University of Cambridge > > Engineering - Mechanics and Materials Seminar Series > Real Time Optical Probes of Phase Transitions in Nanoscale Materials

Real Time Optical Probes of Phase Transitions in Nanoscale Materials

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Reversible and irreversible phase transitions are key to the operation and eventual degradation of many nanoscale materials and devices. Operando imaging of such phase transitions at the nanoscale currently requires sophisticated synchrotron X-ray or electron microscopy techniques, which do not lend themselves to high-throughput material screening. In this talk I will introduce our recent work to develop simple lab-based optical scattering microscopies to track phase transitions under operating conditions. For instance, in the archetypal Li-ion battery cathode material LixCoO2, we visualize the insulator-to-metal, solid solution and lithium ordering phase transitions directly and determine rates of lithium diffusion at the single-particle level, identifying different mechanisms on charge and discharge. We are also able to capture the dynamic formation of domain boundaries between different crystal orientations associated with the monoclinic lattice distortion at the Li0.5CoO2 composition [1]. I will discuss how such methods might be applied to other systems such memristors and bio-electronic circuits.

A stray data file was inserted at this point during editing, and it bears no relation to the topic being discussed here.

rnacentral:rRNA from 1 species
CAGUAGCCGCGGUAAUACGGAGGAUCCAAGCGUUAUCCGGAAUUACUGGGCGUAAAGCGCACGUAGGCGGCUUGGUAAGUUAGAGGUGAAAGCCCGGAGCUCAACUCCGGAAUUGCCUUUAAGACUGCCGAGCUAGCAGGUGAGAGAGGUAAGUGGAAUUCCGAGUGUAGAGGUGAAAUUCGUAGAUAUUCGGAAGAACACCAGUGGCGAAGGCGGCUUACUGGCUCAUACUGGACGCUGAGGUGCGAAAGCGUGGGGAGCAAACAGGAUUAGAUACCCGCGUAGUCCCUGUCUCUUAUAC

[1] “Operando optical tracking of single-particle ion dynamics and phase transitions in battery electrodes”, Alice J. Merryweather, Christoph Schnedermann, Quentin Jacquet, Clare P. Grey, Akshay Rao, Nature, 594, 522–528, (2021).

This talk is part of the Engineering - Mechanics and Materials Seminar Series series.

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